U.S. Fish & Wildlife Service

Sacramento Fish & Wildlife OfficeServing the people, conserving the fish, wildlife, and plants of California

A Unit Of The Pacific Southwest Region

News Release

Revised Critical Habitat Proposed for Western Yellow-Billed Cuckoo

February 26, 2020

Media Contact:
Meghan Snow, Phone: (916) 414-6671, Email: meghan_snow@fws.gov

SACRAMENTO, Calif. - The U.S. Fish and Wildlife Service today released a revised version of the 2014 critical habitat proposal for the western distinct population segment (DPS) of yellow-billed cuckoo. The revised proposal would designate 493,665 acres of critical habitat across portions of Arizona, California, Colorado, Idaho, New Mexico, Texas and Utah, a reduction of 56,184 acres from the 2014 proposal. The changes are the result of revisions made to the species’ conservation strategy and improved identification of areas determined to be essential to the conservation of the species, which is currently listed as threatened under the Endangered Species Act.

The western DPS of yellow-billed cuckoo is a neotropical migratory bird that breeds and raises young along rivers and streams in western North America and winters in South America. Listed as threatened in 2014, loss of riparian habitat and habitat fragmentation as a result of conversion of land for agriculture, impacts from dams and river flow management, streambank erosion, overgrazing and competition from exotic plants were determined to be key factors in the bird’s decline.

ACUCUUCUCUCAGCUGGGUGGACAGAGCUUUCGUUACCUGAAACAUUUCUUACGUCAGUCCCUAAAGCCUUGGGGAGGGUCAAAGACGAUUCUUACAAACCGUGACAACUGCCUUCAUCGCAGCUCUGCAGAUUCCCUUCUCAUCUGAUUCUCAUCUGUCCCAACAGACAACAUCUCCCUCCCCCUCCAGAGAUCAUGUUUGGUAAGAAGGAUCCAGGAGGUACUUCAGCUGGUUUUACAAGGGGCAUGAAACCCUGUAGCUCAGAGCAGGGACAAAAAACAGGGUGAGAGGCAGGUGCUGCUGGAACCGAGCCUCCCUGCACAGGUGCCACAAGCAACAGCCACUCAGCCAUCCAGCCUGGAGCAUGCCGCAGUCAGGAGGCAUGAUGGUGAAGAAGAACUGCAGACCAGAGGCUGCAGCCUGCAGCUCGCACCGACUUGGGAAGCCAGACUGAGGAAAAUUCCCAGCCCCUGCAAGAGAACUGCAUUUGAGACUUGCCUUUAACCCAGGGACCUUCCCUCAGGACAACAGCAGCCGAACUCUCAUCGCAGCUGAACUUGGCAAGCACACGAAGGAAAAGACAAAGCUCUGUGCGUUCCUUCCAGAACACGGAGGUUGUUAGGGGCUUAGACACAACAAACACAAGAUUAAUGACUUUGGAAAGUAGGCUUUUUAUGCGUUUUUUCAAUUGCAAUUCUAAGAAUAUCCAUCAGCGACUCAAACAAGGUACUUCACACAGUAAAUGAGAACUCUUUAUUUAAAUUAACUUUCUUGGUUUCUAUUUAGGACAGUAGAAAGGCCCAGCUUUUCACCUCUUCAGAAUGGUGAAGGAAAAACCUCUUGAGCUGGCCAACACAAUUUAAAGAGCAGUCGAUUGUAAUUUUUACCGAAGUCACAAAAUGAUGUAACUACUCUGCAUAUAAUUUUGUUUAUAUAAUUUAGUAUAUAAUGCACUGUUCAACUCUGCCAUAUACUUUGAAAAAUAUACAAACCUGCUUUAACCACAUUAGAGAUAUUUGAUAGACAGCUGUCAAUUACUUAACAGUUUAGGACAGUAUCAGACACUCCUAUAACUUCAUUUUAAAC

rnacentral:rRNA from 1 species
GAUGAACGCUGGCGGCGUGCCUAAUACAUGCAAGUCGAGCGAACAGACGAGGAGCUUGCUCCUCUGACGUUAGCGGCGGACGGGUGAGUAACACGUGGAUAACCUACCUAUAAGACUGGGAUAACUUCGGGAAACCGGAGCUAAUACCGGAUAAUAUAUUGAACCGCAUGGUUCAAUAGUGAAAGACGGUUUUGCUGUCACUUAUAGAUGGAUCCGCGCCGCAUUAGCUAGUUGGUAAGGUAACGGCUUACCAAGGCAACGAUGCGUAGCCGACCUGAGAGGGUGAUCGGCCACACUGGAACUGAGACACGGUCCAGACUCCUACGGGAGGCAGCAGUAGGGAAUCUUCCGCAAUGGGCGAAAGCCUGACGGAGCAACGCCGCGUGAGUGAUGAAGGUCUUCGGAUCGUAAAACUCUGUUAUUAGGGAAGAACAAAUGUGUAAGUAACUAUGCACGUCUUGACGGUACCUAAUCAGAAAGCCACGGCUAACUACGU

"Critical habitat helps us identify our best opportunities for species’ recovery," said Jennifer Norris, field supervisor for the Sacramento Fish and Wildlife Office. "By designating critical habitat, we can work more effectively with our federal and state partners to preserve habitat that is essential for conservation of the cuckoo."

Developed using the best available science, the critical habitat designation would primarily affect federal agencies when they are conducting their actions, not private landowners. Although most of the proposed designated critical habitat is private land (approximately 208,547 acres), activities conducted by private landowners, when there is no associated federal action, would not be regulated.

The proposal will publish in the Federal Register on February 27, 2020. The publication opens a 60-day public comment period. Information on how to submit comments is available on www.regulations.gov by searching under the docket number FWS–R8–ES–2013–0011.

The U.S. Fish and Wildlife Service works with others to conserve, protect, and enhance fish, wildlife, plants, and their habitats for the continuing benefit of the American people. For more information about our work and the people who make it happen, visit www.fws.gov/Sacramento. Connect with us via Facebook, Twitter, YouTube, and Flickr.

Last updated: April 13, 2020